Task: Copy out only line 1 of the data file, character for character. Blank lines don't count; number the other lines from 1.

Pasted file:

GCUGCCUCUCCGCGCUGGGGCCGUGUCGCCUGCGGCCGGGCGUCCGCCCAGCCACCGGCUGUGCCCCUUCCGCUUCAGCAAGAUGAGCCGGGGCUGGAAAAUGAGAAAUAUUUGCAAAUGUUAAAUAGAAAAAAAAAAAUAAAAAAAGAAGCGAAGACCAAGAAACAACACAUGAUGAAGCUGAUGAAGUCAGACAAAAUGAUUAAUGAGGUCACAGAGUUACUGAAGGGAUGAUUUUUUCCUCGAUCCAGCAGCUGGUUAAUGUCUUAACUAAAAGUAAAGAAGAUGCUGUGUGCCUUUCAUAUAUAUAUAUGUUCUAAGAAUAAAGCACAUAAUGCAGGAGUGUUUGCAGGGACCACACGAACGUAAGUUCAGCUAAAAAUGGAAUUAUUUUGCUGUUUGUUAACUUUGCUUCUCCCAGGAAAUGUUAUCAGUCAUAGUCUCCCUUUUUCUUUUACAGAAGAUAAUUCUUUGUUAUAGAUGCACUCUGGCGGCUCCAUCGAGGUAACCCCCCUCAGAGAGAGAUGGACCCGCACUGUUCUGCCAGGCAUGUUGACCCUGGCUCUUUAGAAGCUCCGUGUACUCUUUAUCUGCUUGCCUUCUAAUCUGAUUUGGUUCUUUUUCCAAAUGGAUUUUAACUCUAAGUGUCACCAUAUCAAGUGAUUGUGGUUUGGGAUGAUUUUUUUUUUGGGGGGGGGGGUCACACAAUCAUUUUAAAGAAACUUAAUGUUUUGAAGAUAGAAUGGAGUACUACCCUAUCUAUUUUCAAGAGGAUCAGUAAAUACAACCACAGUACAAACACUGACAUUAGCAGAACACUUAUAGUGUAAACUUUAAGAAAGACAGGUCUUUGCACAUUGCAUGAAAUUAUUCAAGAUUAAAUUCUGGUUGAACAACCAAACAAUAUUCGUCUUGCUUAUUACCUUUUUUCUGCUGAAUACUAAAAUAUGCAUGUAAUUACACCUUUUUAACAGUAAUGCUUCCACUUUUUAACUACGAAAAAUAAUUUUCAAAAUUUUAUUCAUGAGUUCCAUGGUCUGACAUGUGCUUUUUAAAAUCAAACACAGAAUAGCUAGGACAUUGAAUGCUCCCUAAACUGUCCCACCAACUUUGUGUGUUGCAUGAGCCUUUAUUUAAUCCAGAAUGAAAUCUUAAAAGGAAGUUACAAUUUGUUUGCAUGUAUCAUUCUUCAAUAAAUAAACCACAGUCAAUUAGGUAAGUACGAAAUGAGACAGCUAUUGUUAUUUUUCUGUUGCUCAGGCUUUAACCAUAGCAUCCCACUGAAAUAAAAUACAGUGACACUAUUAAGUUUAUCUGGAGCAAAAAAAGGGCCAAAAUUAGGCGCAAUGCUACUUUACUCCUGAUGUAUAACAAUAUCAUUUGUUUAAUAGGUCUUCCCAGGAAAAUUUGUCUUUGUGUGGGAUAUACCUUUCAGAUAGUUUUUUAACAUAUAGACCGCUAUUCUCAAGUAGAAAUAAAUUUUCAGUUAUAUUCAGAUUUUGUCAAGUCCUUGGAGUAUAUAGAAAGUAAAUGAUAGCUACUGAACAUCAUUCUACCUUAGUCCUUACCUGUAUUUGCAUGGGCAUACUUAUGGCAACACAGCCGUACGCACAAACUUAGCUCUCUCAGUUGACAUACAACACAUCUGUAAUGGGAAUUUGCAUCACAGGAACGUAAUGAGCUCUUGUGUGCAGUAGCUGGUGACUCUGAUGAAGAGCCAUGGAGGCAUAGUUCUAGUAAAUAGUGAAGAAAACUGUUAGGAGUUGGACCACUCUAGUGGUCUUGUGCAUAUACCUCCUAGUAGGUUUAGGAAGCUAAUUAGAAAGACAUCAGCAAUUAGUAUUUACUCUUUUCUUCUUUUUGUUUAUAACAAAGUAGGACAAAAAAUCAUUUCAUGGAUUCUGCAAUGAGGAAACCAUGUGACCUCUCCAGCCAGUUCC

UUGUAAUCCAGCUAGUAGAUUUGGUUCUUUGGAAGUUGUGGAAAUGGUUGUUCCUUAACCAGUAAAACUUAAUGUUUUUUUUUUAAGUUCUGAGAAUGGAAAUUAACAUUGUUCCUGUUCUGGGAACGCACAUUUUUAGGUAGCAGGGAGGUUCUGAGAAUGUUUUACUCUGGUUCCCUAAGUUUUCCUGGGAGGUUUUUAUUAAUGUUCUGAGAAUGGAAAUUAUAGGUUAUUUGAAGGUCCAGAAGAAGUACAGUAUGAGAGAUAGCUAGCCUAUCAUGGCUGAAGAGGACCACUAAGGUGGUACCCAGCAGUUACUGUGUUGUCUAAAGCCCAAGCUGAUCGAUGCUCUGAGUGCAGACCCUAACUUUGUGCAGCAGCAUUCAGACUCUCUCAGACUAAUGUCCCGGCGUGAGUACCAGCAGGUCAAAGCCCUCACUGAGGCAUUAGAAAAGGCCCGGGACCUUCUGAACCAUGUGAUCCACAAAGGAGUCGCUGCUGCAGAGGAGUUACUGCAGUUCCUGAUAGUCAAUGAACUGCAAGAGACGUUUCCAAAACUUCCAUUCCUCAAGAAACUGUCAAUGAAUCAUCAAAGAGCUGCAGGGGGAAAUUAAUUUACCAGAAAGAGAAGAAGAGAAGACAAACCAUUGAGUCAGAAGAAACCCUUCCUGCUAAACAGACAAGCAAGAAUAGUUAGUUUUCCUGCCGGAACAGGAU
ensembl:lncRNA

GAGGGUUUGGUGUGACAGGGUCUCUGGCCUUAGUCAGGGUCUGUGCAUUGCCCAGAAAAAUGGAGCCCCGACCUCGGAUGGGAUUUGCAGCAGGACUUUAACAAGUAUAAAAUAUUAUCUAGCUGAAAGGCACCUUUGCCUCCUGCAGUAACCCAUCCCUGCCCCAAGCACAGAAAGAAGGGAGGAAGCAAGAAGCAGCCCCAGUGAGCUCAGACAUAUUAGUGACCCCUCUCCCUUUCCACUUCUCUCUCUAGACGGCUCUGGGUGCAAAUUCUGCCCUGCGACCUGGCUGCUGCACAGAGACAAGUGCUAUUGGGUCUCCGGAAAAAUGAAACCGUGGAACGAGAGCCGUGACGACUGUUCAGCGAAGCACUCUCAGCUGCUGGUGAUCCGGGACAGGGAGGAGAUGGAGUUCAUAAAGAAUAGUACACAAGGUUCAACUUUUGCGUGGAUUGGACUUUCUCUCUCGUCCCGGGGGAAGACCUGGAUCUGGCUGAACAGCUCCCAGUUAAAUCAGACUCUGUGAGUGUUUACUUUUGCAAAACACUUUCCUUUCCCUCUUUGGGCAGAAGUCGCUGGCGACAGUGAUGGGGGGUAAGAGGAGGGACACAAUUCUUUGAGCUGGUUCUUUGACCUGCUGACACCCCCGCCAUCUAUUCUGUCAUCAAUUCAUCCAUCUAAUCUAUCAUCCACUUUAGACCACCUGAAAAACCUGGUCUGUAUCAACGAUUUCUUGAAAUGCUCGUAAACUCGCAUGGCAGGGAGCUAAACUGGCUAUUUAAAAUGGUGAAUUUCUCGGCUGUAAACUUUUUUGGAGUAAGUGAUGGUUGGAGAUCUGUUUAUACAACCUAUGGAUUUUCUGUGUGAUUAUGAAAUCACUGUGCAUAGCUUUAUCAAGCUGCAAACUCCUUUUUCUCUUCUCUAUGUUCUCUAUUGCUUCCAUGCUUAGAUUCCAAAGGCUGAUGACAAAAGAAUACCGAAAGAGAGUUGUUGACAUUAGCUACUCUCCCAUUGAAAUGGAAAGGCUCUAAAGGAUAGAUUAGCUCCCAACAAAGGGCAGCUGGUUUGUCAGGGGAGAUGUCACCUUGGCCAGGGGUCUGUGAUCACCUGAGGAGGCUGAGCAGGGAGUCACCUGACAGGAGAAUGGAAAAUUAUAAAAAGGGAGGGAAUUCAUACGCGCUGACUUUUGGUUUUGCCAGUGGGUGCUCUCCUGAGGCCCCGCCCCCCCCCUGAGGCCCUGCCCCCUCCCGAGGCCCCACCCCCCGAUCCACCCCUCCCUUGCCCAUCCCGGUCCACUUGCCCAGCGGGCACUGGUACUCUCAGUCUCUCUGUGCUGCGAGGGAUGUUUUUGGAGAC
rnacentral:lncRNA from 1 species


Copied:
GCUGCCUCUCCGCGCUGGGGCCGUGUCGCCUGCGGCCGGGCGUCCGCCCAGCCACCGGCUGUGCCCCUUCCGCUUCAGCAAGAUGAGCCGGGGCUGGAAAAUGAGAAAUAUUUGCAAAUGUUAAAUAGAAAAAAAAAAAUAAAAAAAGAAGCGAAGACCAAGAAACAACACAUGAUGAAGCUGAUGAAGUCAGACAAAAUGAUUAAUGAGGUCACAGAGUUACUGAAGGGAUGAUUUUUUCCUCGAUCCAGCAGCUGGUUAAUGUCUUAACUAAAAGUAAAGAAGAUGCUGUGUGCCUUUCAUAUAUAUAUAUGUUCUAAGAAUAAAGCACAUAAUGCAGGAGUGUUUGCAGGGACCACACGAACGUAAGUUCAGCUAAAAAUGGAAUUAUUUUGCUGUUUGUUAACUUUGCUUCUCCCAGGAAAUGUUAUCAGUCAUAGUCUCCCUUUUUCUUUUACAGAAGAUAAUUCUUUGUUAUAGAUGCACUCUGGCGGCUCCAUCGAGGUAACCCCCCUCAGAGAGAGAUGGACCCGCACUGUUCUGCCAGGCAUGUUGACCCUGGCUCUUUAGAAGCUCCGUGUACUCUUUAUCUGCUUGCCUUCUAAUCUGAUUUGGUUCUUUUUCCAAAUGGAUUUUAACUCUAAGUGUCACCAUAUCAAGUGAUUGUGGUUUGGGAUGAUUUUUUUUUUGGGGGGGGGGGUCACACAAUCAUUUUAAAGAAACUUAAUGUUUUGAAGAUAGAAUGGAGUACUACCCUAUCUAUUUUCAAGAGGAUCAGUAAAUACAACCACAGUACAAACACUGACAUUAGCAGAACACUUAUAGUGUAAACUUUAAGAAAGACAGGUCUUUGCACAUUGCAUGAAAUUAUUCAAGAUUAAAUUCUGGUUGAACAACCAAACAAUAUUCGUCUUGCUUAUUACCUUUUUUCUGCUGAAUACUAAAAUAUGCAUGUAAUUACACCUUUUUAACAGUAAUGCUUCCACUUUUUAACUACGAAAAAUAAUUUUCAAAAUUUUAUUCAUGAGUUCCAUGGUCUGACAUGUGCUUUUUAAAAUCAAACACAGAAUAGCUAGGACAUUGAAUGCUCCCUAAACUGUCCCACCAACUUUGUGUGUUGCAUGAGCCUUUAUUUAAUCCAGAAUGAAAUCUUAAAAGGAAGUUACAAUUUGUUUGCAUGUAUCAUUCUUCAAUAAAUAAACCACAGUCAAUUAGGUAAGUACGAAAUGAGACAGCUAUUGUUAUUUUUCUGUUGCUCAGGCUUUAACCAUAGCAUCCCACUGAAAUAAAAUACAGUGACACUAUUAAGUUUAUCUGGAGCAAAAAAAGGGCCAAAAUUAGGCGCAAUGCUACUUUACUCCUGAUGUAUAACAAUAUCAUUUGUUUAAUAGGUCUUCCCAGGAAAAUUUGUCUUUGUGUGGGAUAUACCUUUCAGAUAGUUUUUUAACAUAUAGACCGCUAUUCUCAAGUAGAAAUAAAUUUUCAGUUAUAUUCAGAUUUUGUCAAGUCCUUGGAGUAUAUAGAAAGUAAAUGAUAGCUACUGAACAUCAUUCUACCUUAGUCCUUACCUGUAUUUGCAUGGGCAUACUUAUGGCAACACAGCCGUACGCACAAACUUAGCUCUCUCAGUUGACAUACAACACAUCUGUAAUGGGAAUUUGCAUCACAGGAACGUAAUGAGCUCUUGUGUGCAGUAGCUGGUGACUCUGAUGAAGAGCCAUGGAGGCAUAGUUCUAGUAAAUAGUGAAGAAAACUGUUAGGAGUUGGACCACUCUAGUGGUCUUGUGCAUAUACCUCCUAGUAGGUUUAGGAAGCUAAUUAGAAAGACAUCAGCAAUUAGUAUUUACUCUUUUCUUCUUUUUGUUUAUAACAAAGUAGGACAAAAAAUCAUUUCAUGGAUUCUGCAAUGAGGAAACCAUGUGACCUCUCCAGCCAGUUCC